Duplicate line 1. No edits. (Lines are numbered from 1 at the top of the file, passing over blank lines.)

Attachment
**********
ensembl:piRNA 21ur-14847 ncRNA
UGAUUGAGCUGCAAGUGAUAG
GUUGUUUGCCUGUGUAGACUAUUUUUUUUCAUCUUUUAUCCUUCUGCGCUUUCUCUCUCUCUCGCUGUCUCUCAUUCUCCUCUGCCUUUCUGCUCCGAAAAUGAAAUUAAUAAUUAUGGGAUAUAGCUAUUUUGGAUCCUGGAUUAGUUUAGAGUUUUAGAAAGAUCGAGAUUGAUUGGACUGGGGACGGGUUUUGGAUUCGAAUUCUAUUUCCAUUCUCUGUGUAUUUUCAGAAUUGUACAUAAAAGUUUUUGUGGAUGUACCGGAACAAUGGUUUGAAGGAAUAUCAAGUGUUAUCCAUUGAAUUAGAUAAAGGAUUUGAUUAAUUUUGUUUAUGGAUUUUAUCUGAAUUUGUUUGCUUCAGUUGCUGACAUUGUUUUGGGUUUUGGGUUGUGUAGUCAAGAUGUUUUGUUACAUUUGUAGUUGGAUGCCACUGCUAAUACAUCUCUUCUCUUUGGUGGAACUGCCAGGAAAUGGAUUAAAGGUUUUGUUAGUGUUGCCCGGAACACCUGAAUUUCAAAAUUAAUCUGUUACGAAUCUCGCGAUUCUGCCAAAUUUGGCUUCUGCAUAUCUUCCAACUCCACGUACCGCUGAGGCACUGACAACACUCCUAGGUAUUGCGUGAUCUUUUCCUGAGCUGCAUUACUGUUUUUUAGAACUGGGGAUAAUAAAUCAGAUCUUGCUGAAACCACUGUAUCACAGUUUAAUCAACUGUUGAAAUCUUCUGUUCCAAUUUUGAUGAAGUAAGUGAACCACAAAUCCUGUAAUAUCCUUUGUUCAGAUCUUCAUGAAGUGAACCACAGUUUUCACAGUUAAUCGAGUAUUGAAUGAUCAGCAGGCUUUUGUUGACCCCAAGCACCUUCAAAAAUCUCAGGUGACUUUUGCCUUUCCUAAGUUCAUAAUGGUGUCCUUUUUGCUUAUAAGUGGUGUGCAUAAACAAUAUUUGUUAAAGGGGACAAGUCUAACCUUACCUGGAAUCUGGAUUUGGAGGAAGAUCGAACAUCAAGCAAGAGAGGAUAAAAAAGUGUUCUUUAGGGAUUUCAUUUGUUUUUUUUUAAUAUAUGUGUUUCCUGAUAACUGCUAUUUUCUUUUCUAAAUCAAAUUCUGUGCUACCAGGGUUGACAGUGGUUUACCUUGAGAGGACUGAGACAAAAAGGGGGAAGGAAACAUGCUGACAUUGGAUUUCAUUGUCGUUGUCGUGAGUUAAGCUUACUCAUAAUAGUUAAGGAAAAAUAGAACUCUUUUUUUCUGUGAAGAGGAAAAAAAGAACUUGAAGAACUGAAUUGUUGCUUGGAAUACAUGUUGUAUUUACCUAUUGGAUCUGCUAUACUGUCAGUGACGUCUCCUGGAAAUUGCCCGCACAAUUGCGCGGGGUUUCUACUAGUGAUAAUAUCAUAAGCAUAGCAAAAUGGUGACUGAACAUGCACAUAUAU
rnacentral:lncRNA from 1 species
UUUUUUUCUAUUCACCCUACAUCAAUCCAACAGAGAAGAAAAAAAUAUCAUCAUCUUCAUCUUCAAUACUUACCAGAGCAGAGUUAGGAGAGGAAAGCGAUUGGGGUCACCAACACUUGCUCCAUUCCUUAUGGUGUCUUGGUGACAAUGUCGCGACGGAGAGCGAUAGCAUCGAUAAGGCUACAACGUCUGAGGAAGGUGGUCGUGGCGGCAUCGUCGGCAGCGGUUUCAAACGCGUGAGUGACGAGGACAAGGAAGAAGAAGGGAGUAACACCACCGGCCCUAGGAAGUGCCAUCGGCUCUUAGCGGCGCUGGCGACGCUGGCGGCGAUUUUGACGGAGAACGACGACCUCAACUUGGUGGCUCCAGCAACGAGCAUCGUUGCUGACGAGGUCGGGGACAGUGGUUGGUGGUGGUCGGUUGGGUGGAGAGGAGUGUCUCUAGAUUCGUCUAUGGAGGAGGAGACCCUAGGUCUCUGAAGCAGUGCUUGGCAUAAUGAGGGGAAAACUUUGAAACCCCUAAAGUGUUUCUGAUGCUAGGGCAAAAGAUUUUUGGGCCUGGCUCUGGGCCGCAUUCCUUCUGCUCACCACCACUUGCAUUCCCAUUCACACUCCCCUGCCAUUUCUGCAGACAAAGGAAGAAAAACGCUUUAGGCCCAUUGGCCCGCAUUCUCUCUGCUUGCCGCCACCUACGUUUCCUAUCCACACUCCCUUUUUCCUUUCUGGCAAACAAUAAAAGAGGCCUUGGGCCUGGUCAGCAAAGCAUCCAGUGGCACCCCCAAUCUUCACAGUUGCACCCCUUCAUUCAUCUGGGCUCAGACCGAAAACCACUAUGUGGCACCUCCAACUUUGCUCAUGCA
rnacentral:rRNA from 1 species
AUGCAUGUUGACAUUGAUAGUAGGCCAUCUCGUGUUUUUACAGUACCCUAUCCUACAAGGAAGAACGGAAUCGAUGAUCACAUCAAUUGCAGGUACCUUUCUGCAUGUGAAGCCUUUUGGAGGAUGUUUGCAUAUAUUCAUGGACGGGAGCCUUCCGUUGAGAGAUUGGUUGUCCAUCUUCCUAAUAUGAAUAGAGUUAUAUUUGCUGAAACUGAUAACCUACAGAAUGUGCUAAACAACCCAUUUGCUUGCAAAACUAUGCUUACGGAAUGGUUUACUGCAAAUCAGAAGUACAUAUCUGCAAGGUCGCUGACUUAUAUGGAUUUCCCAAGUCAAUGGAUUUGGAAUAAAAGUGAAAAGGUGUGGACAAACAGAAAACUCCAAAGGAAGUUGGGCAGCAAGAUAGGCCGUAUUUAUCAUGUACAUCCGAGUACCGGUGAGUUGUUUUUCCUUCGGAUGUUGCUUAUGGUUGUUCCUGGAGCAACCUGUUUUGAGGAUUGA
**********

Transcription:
ensembl:piRNA 21ur-14847 ncRNA